Hard Reset is an impressive indie outing from Flying Wild Hog that most certainly hearkens back to the pure adrenaline gameplay of id Software’s early days, recalling the balls out, speedy graphic engine, take no prisoners mayhem that was Wolfenstein 3d or Doom but with graphics that showcase the best of today. In other words, it might just make John Romero proud, except, being a true single-player experience there will be no deathmatches here. Read Patrick’s review below – Ed.
Hard Reset is an action-packed, single-player shooter for the PC. With over-the-top destruction, loads of enemies, great weapon variety and a beautifully realized cyberpunk setting, Hard Reset is sure to shake up the shooter scene.
What We Think
No doubt, like me, you saw the trailers and previews for Hard Reset and thought that there’s no way this could be as good as it looks. Perhaps, by now you’ve played the demo and have seen that it’s truly as awesome as it appeared to be. In fact, the moment I saw the production logo at the start of the game I knew I was in for a treat (although I was a little annoyed every subsequent time I fired up the game and had no way of skipping it, but there are major developers that have yet to learn that lesson, so I’ll forgive them).
When you think of a modern first person shooter, what comes to mind? Sure, high def graphics are a must, but what else? Great multiplayer maybe? This doesn’t have any. Complex RPG elements? Yeah…Hard Reset doesn’t have that either. Instead, it does what the classics did in the golden days of the genre; a massive numbers of enemies and the right combination of cool weapons to kick their collective asses with.
Before we get into all the bits and pieces of gear and opponents, maybe I should give you some of the plot in order to set the mood. It’s the future. Artificial intelligences have rebelled against mankind and machines roam the wastes killing any human they find. Humanity has closed itself off in massive cities to wage a never ending war against this threat. You play Major Fletcher, a soldier in the military of the city of Bezoar. The sector you patrol has come under attack and you must recon the area. During your action in the sector, you discover all is not what it seems. Loyalties are put into question. Are you the future of humanity?
All of this is laid out for you in some amazingly-drawn, but poorly written cut-scenes, done in an animated comic book style. Perhaps it’s just a matter of translation, but I found myself spending almost as much time attempting to figure out the meaning of what was said as I did actually listening to it. Still, it nicely compliments the gritty cyberpunk environment and doesn’t deter you from blowing things up.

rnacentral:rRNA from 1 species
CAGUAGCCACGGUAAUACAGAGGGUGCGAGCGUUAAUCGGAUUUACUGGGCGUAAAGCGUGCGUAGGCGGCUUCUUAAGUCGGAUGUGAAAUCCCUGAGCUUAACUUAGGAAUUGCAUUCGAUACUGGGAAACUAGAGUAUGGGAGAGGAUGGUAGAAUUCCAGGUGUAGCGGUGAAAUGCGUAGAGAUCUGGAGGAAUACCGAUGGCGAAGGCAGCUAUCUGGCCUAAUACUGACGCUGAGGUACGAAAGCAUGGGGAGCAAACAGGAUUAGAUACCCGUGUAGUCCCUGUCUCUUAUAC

OK, so that all sounds very nice (and it is), but it’s not of vital importance. What really matters is that it paves the way for a jaw-dropping setting. William Gibson and Ridley Scott would both weep at the visual depth of Hard Reset. Monitors, vents and scanners dot nearly every surface, covered in grit and graffiti. Consoles beckon for you to come closer then blossom into holographic advertising when you approach. Advertising blimps float overhead and flying police cruisers zip past. Despite the fact that you’re just a guy with a gun blasting away at wave after wave of opposition, you get the real sense of a living city that was brimming with people, mere moments before. Hard Reset easily rivals the graphics quality of AAA titles and ran smoother than most of them.
Death comes in many sizes. Balls on legs with chainsaws that fondly reminded me of the mousers from Teenage Mutant Ninja turtles rush you by the dozens. Robo-Apes charge and smash you from every direction. Humanoid robots fire plasma bolts and explosive rounds. But above and beyond the mobs of mid-level enemies are the bosses. Epic creatures that stand taller than buildings and rain havoc down upon you. It’s never a complex puzzle to defeat them, but the scale and spectacle of it makes you feel like you’ve accomplished something.
So let’s talk weapons. They come in two basic varieties: one kinetic and the other energy. Either can transform into your typical assault rifle, shotgun, grenade launcher and rocket launcher type configurations, when unlocked, and I do suggest you pick one and try and stick with it, because you’ll want the heavy firepower asap and it’s only available after many unlocks. It all depends on whether you like your weapons more traditional or crazy-futuristic. Both weapons can also be upgraded beyond these simple transformations. Quicker rates of fire, alternate ammo choices, laser guidance systems and much of the other fun stuff you’d expect are all available for purchase.
You too can be upgraded and augmented with better radar, greater damage resistance and shielding, etc.
If Hard Reset has any failings it’s its length. Even with a fair bit of exploring, I finished the game on normal in about five hours. The ending is abrupt and without closure, so I can only hope there’s DLC on the way and at the asking price it’s still well worth the buy. I hardly ever find myself replaying this sort of game after I beat it, but immediately started over in insane mode here.
There is so much potential for further development, both in the game and with it’s publisher Flying Wild Hog, that I can’t wait to see what they do next. The sudden and open ended conclusion of Hard Reset leaves them very open to sequels. Will there be direct additions to this one, or will they, smartly, add more complex elements to the mix? I understand that this game was built under the restrictions of a small team, but blending in espionage elements like sneaking, hacking, lockpicking, etc. would allow this title to easily compete with the likes of Deus Ex.
I, for one, can’t wait to see how both Major Fletcher and Flying Wild Hog evolve.